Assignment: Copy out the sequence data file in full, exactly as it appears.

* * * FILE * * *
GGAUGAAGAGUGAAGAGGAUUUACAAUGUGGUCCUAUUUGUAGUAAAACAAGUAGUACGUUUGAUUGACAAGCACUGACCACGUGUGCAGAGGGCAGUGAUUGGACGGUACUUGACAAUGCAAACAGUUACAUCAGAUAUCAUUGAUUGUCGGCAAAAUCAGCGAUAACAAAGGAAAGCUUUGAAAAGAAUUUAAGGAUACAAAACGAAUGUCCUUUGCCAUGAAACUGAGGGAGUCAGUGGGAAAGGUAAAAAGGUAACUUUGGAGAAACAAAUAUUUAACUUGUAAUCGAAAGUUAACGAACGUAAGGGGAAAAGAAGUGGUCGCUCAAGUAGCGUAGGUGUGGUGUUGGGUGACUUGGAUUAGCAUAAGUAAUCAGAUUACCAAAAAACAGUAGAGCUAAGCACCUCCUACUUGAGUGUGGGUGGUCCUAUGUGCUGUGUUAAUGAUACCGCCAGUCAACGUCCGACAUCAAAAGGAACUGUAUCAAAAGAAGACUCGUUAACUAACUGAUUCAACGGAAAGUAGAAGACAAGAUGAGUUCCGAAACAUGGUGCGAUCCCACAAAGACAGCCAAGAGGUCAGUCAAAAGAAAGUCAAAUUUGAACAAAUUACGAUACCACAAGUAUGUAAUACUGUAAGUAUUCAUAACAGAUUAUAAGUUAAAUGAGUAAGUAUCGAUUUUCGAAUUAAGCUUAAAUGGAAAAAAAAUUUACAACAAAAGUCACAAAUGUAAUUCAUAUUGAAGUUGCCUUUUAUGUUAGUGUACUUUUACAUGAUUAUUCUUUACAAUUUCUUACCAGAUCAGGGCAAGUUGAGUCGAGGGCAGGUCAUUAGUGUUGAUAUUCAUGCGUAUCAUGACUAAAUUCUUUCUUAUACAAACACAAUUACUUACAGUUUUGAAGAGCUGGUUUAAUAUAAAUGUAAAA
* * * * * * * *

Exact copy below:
GGAUGAAGAGUGAAGAGGAUUUACAAUGUGGUCCUAUUUGUAGUAAAACAAGUAGUACGUUUGAUUGACAAGCACUGACCACGUGUGCAGAGGGCAGUGAUUGGACGGUACUUGACAAUGCAAACAGUUACAUCAGAUAUCAUUGAUUGUCGGCAAAAUCAGCGAUAACAAAGGAAAGCUUUGAAAAGAAUUUAAGGAUACAAAACGAAUGUCCUUUGCCAUGAAACUGAGGGAGUCAGUGGGAAAGGUAAAAAGGUAACUUUGGAGAAACAAAUAUUUAACUUGUAAUCGAAAGUUAACGAACGUAAGGGGAAAAGAAGUGGUCGCUCAAGUAGCGUAGGUGUGGUGUUGGGUGACUUGGAUUAGCAUAAGUAAUCAGAUUACCAAAAAACAGUAGAGCUAAGCACCUCCUACUUGAGUGUGGGUGGUCCUAUGUGCUGUGUUAAUGAUACCGCCAGUCAACGUCCGACAUCAAAAGGAACUGUAUCAAAAGAAGACUCGUUAACUAACUGAUUCAACGGAAAGUAGAAGACAAGAUGAGUUCCGAAACAUGGUGCGAUCCCACAAAGACAGCCAAGAGGUCAGUCAAAAGAAAGUCAAAUUUGAACAAAUUACGAUACCACAAGUAUGUAAUACUGUAAGUAUUCAUAACAGAUUAUAAGUUAAAUGAGUAAGUAUCGAUUUUCGAAUUAAGCUUAAAUGGAAAAAAAAUUUACAACAAAAGUCACAAAUGUAAUUCAUAUUGAAGUUGCCUUUUAUGUUAGUGUACUUUUACAUGAUUAUUCUUUACAAUUUCUUACCAGAUCAGGGCAAGUUGAGUCGAGGGCAGGUCAUUAGUGUUGAUAUUCAUGCGUAUCAUGACUAAAUUCUUUCUUAUACAAACACAAUUACUUACAGUUUUGAAGAGCUGGUUUAAUAUAAAUGUAAAA